Layout Tables and CSS for Positioning


The layout of columns and sections in a web page should be done using CSS instead of table markup. The use of CSS layout techniques makes it more likely that the reading order of information will make sense to screen reader users. When developers use table markup to lay out web pages, it is easy for that related information to become disconnected in the reading order of the web page. CSS has the additional benefit of being a technology designed to help web developers more efficiently manage the look and feel of their website and make it easier for web pages to be rendered on a wider range of technologies, including cell phones, printers and Braille displays. If table markup is used to lay out a web page, it should be kept to a minimum and left as simple as possible (for example, use tables that have only one row or column). Avoid nesting tables, which make it more difficult to maintain the reading order of the web page. Make sure related content is the same table cell; for example, the header element describing the relationship for a list containing links should be in the same table cell as the list of links.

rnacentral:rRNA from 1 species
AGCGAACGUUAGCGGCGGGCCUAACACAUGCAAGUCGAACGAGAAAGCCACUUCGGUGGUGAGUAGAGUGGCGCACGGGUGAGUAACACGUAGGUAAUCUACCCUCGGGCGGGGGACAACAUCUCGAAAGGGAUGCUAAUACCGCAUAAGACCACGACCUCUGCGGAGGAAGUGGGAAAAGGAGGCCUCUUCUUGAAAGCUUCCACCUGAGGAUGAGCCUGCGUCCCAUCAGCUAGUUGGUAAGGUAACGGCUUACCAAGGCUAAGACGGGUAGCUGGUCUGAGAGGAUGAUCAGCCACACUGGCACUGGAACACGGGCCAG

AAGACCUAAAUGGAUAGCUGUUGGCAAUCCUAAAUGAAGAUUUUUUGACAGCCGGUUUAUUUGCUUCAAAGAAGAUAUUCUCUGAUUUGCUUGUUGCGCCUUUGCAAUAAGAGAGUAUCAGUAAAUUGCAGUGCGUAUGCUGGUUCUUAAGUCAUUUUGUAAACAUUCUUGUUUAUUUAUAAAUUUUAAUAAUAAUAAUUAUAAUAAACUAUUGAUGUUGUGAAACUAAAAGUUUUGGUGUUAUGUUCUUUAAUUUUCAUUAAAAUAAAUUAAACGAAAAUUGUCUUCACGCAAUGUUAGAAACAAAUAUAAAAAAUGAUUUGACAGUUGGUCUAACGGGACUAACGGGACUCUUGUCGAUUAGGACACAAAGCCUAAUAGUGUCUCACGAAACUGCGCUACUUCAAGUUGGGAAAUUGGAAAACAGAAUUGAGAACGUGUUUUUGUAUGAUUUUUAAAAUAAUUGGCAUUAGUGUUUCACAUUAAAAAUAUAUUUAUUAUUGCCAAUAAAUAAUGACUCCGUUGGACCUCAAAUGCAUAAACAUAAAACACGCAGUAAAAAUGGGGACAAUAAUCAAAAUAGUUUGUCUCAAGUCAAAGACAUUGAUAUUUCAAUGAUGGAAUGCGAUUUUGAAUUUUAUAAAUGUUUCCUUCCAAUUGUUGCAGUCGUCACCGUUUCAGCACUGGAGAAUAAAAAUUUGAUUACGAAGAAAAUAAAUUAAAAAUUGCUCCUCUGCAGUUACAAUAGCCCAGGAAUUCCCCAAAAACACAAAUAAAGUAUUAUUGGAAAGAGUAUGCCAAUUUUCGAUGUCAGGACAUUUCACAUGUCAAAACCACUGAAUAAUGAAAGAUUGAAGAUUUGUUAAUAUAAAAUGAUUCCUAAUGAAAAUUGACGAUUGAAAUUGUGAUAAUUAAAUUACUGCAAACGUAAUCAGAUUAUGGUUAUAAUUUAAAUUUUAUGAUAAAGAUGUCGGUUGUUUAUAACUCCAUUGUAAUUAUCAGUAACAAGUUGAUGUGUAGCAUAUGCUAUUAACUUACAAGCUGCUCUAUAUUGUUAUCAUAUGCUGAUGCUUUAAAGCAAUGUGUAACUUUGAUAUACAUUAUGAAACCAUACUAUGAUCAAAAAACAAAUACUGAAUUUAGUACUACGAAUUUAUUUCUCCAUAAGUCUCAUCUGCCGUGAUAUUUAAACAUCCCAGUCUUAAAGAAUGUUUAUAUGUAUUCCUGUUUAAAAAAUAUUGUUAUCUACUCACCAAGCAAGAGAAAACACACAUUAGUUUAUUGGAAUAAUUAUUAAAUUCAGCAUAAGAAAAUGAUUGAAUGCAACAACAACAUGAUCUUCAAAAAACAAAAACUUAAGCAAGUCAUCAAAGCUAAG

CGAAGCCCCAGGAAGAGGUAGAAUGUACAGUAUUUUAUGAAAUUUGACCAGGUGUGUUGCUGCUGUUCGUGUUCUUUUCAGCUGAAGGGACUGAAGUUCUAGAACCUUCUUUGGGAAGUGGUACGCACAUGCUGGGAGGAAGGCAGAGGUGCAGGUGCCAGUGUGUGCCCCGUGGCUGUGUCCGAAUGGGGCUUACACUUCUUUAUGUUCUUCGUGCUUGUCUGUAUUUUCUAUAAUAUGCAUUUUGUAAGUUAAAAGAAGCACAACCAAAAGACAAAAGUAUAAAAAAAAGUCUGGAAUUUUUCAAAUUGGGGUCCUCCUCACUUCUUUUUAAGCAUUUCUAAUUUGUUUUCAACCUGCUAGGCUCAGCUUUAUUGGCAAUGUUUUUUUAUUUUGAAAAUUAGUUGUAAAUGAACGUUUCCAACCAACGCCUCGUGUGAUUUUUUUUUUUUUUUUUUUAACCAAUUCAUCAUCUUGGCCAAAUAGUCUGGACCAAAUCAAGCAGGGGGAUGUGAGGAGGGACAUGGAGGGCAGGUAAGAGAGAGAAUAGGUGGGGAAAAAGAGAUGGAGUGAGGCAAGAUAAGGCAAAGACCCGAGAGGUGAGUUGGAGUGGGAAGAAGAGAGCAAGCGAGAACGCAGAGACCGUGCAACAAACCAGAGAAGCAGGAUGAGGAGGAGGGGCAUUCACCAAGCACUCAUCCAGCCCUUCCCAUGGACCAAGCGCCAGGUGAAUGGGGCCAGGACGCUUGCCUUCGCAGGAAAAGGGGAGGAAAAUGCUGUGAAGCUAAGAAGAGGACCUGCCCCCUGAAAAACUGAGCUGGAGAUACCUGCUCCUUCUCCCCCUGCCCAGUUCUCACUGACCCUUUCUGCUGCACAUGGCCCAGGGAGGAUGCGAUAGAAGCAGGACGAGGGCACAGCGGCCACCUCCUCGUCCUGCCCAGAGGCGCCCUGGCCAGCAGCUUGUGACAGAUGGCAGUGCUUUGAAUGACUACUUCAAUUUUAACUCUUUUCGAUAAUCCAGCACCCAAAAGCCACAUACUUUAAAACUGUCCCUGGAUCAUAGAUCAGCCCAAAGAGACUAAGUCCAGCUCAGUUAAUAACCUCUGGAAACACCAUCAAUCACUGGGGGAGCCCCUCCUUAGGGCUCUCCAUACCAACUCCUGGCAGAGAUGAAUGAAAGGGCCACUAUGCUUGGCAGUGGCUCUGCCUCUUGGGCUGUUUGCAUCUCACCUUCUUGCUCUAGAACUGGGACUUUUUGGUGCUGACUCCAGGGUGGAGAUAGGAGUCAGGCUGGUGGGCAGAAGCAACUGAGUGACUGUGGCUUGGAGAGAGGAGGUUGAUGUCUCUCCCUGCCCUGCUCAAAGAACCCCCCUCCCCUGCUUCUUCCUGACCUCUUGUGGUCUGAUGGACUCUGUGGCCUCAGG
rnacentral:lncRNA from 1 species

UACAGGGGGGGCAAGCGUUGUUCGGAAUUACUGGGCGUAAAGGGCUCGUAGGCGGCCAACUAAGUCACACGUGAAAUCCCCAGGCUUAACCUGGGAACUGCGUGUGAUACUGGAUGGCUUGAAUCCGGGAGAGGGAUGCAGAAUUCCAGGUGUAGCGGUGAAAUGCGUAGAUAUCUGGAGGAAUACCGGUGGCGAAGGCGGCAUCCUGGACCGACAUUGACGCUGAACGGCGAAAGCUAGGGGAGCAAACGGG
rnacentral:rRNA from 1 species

Benefits to People with Disabilities

  1. Web pages linearize well for people using screen readers, making page content more understandable and readable.
  2. People with low vision can disable or provide alternative stylesheets to restyle text to meet their own visual capabilities.

Benefits to Everyone

  1. Web pages are generally much smaller in size, improving download speed, the number one usability issue for most users.
  2. Pages are easier to view on a wider range of technologies, including cell phones and PDA devices.

Benefits to Developers

  1. Content is easier to create and maintain since table markup code does not need to be organized and maintained on each web page. The lack of table markup for layout also makes web pages much easier to read and edit.
  2. The same web page can be delivered to both desktop and portable web browsing technologies with little or no modification and can be adjusted to a particular browsing environment with the use of stylesheets.

More Information

  1. CSS Zen Garden
  2. CSS Max Designs
  3. WESTCIV: CSS Tutorial Resources


width (CSS2.1)

clear (CSS2.1)

float (CSS2.1)

table[th] (HTML4)

table[summary] (HTML4)

table (HTML4)

Related Accessibility Requirements

Section 508

Illinois Information Technology Accessibility Standards

Web Content Accessibility Guidelines (WCAG) 2.0

Web Content Accessibility Guidelines (WCAG) 1.0